CODY CARROLL played on the last two Ponce de Leon boys playoff teams in 2005 and 2007, and is entering his third year as head coach of the Freeport Middle School girls basketball team. (Photo by Blake McCormick)By BLAKE MCCORMICK
It’s just a middle school practice scrimmage in May, but three Ponce de Leon Pirates are coaching with the same spirited diligence that would suffice for a varsity contest in December.
There’s Tim Alford, the local high school coaching icon whose name is on two state championship banners and numerous other notable season emblems. He’s flanked by Laurie Tinsley, who starred on Alford’s 2000 state championship team before becoming a mainstay as a varsity assistant coach and middle school head coach at her alma mater. And, Cody Carroll, who played on the Pirates’ last two boys playoff teams in 2005 and 2007.
Each has similar coaching demeanor, blending firm correction with care-taking benevolence, while using their sometimes indistinguishable vocal accents to promote the importance of basic fundamentals to their players.
However, excluding age and gender, there is one glaring difference with one of these western Holmes County natives; Cody Carroll is not coaching the Lady Pirates, he’s coaching the Freeport Middle School Lady Bulldogs.
Carroll is entering his third year at FMS, but his passion for basketball was cultivated at Ponce de Leon, where the hardwood enthusiast not only grew up playing boys basketball but also following Alford’s highly respected girls program.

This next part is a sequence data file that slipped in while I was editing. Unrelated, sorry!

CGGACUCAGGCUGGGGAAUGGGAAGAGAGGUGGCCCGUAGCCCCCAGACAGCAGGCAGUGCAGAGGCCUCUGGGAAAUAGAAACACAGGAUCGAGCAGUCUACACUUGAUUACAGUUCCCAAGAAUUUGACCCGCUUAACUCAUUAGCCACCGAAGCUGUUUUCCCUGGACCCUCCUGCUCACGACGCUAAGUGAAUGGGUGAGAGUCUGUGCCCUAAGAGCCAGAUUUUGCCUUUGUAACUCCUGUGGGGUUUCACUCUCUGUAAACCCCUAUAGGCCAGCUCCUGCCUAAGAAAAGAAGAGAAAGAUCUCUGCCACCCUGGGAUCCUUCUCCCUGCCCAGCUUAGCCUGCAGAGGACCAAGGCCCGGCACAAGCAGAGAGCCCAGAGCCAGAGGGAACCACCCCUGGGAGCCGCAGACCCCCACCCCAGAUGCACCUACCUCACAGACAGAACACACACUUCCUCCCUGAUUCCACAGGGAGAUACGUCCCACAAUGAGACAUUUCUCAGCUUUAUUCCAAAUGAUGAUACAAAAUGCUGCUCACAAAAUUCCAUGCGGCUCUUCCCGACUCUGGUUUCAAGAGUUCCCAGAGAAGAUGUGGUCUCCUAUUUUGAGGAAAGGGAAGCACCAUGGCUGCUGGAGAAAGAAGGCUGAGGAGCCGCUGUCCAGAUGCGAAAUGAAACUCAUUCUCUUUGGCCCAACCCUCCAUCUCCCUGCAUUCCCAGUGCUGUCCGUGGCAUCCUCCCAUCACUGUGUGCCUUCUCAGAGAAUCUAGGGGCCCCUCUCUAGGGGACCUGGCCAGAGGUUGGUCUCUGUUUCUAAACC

“I think a lot of Coach Alford, and Coach Tinsley,” said Carroll, following the practice scrimmage, which, for what it’s worth, resulted in a PDL victory. “When I was in school they made back-to-back trips to state. Even if I hadn’t gone to school there, it’s easy to see the success they’ve had.”
After graduating from the Holmes County school in 2007, Carroll continued to follow the girls teams at PDL, largely because his sister, Kaitlyn, was the starting point guard on the school’s 2012 state championship team. Carroll admits the blueprint he is using at FMS has been significantly influenced by Alford and Tinsley, who work just as hard year round with the middle school teams as they do their well respected high school varsity program.
“They work really, really hard for their girls. His girls would run through a wall for him because he will run through walls for them. I’ve really tried to make sure I model that system of care with mine.”
Carroll acknowledges he wants to promote the interest of girls basketball in the community, and, again, points to the inspiration he has gleaned from how his alma mater manages the sport.
“They play basketball all the time. They play it now, they’ll play it next month, they’ll play it when school starts back, they’ll play it in the season and when it’s over, they’ll play it some more.”
Hence why Carroll is trying to further emphasize and improve the school’s off-season summer program, which he suggests is critical for the players.
“It’s important to learn the fundamentals and get familiar with my lingo. What it means when I say get down low or seal out. It’s just important to get out here and learn.”
Carroll’s youth and enthusiasm has made him a popular teacher at the school, and his passion for the game of basketball is already inspiring his students and players. Moreover, his year-round commitment to his girls program should pay off dividends for the high school girls program in the future.
“We are trying to develop a basketball culture that will lend itself to more success over time. We have a good foundation started. We’re just trying to develop more interest not only here (at FMS) but in the community of Freeport.”